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WHO chief 'confident' Olympics will be safe despite Zika
[BRASÍLIA] The head of the World Health Organization (WHO) said Tuesday she is confident Brazil can host the Rio Olympics safely despite the Zika threat, though she warned of a long battle against the mosquito-borne virus.
Margaret Chan, who was in Brazil for a 48-hour visit, praised the Brazilian government's efforts to stamp out mosquitoes and its coordination with various international bodies, including the WHO and the International Olympic Movement, ahead of the Games' kick-off on August 5.
We must "make sure that people who come here either for the Games as a visitor, as a participant or athletes, will get the maximum protection they need. And I'm confident that the government can do it," she said after meeting with President Dilma Rousseff and several ministers in the capital Brasilia.
But Ms Chan also said it will be a long, hard fight to stamp out the virus, which is strongly suspected of causing a serious birth defect in babies born to mothers infected while pregnant.
"The Zika virus is very tricky, very tenacious, very difficult. And so is the Aedes aegypti mosquito," Ms Chan said.
"We have learnt lessons from dengue and from chikungunya outbreaks in the past, so we should expect to see more cases, we should expect this is going to be a long journey."
Brazil is at the center of a Zika outbreak, with 1.5 million people infected, and authorities have also recorded a spike in microcephaly, a congenital condition that causes abnormally small heads and hampers brain development.
On Tuesday, Brazil's health ministry reported 583 confirmed cases of babies with microcephaly since October, compared to an annual average of 150.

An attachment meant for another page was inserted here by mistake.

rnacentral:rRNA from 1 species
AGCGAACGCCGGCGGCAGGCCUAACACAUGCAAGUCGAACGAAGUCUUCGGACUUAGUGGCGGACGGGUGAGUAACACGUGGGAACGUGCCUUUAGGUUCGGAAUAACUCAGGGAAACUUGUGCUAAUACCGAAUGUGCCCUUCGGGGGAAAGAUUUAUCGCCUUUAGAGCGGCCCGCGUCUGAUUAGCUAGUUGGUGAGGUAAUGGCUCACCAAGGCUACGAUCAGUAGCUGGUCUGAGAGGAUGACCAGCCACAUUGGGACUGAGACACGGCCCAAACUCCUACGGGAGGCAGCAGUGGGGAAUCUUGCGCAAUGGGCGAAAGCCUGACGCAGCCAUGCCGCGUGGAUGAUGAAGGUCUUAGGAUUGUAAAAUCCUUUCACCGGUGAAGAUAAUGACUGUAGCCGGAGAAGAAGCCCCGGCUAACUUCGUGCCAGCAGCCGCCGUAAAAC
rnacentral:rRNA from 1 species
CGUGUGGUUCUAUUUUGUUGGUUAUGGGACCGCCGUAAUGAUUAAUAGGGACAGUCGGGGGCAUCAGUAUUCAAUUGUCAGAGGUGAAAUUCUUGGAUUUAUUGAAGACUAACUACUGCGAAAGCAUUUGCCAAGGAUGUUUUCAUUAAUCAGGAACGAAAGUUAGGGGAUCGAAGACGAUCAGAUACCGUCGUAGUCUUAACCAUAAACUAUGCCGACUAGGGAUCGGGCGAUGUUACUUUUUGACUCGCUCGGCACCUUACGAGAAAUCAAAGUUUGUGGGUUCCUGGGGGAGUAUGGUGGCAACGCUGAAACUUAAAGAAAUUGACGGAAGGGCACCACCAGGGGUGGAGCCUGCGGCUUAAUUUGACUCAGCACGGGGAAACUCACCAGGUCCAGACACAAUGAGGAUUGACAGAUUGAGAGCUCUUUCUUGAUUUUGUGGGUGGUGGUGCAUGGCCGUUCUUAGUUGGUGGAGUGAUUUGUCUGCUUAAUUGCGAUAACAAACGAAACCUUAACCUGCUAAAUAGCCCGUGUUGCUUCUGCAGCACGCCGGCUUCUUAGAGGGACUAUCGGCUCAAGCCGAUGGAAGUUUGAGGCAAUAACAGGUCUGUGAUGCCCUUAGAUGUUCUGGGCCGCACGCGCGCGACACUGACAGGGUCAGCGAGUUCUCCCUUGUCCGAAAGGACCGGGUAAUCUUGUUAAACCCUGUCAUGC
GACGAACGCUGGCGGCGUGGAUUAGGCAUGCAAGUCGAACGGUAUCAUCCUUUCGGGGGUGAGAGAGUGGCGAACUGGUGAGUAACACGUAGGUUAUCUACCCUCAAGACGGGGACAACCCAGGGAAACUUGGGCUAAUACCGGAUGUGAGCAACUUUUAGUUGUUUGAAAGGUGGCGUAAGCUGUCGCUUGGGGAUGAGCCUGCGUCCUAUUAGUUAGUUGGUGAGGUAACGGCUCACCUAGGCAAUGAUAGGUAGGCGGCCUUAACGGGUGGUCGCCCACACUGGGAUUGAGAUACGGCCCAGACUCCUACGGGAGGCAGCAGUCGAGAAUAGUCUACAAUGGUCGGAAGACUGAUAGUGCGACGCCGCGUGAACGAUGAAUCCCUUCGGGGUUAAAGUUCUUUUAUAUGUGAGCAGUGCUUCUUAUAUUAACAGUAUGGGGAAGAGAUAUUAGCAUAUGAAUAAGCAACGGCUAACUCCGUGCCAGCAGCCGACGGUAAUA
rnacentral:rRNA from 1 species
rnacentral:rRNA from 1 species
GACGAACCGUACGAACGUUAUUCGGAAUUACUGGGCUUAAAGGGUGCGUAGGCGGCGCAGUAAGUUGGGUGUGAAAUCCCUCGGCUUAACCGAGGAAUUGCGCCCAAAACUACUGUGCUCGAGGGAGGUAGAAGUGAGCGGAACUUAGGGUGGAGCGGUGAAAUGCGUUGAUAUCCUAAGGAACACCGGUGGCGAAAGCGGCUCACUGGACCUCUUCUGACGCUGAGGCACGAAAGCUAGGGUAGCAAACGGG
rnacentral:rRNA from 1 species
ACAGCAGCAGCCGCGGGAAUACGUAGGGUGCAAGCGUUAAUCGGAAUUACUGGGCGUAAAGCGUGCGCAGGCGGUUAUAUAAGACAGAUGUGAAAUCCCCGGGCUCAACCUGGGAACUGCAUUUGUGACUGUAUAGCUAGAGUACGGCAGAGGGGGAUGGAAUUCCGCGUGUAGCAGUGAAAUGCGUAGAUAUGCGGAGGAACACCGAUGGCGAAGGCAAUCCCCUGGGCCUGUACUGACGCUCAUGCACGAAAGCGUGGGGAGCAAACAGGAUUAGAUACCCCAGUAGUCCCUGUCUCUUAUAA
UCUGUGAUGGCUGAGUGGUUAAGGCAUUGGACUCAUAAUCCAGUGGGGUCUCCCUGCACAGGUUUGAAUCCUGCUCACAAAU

That was a 14.7 per cent rise over the number of confirmed cases the previous week, and authorities were investigating another 4,107 possible cases.
An estimated 120 babies have died due to the birth defect, the ministry said.
Cases of active Zika transmission have been reported in 28 countries and territories in the Americas and Caribbean.
In most people, the illness causes only mild flu-like symptoms.
Countries throughout the region have launched massive operations to eliminate pools of stagnant water where the mosquitoes, which also spread dengue and chikungunya viruses, can breed.
Brazil has mobilized some 55,000 members of its armed forces to join 310,000 health workers in its "ZikaZero" campaign.
Tens of thousands of other troops fanned out across the country to hand out leaflets, part of a massive public education effort.
There is currently no cure against the Zika virus and large-scale trials of vaccines in development are still at least 18 months away.
It could take months to confirm if Zika causes microcephaly in babies born to mothers infected while pregnant, though the WHO has said evidence is growing.
Researchers are also studying if there is a link between Zika and a rise in cases of the paralysis-causing Guillain-Barre syndrome.
In the United States, health authorities are also investigating 14 new cases of Zika virus that may have been sexually transmitted.
The WHO had previously warned that Zika's spread could be "explosive," infecting up to four million people, and has called the outbreak an international health emergency.
For all our Zika coverage, go to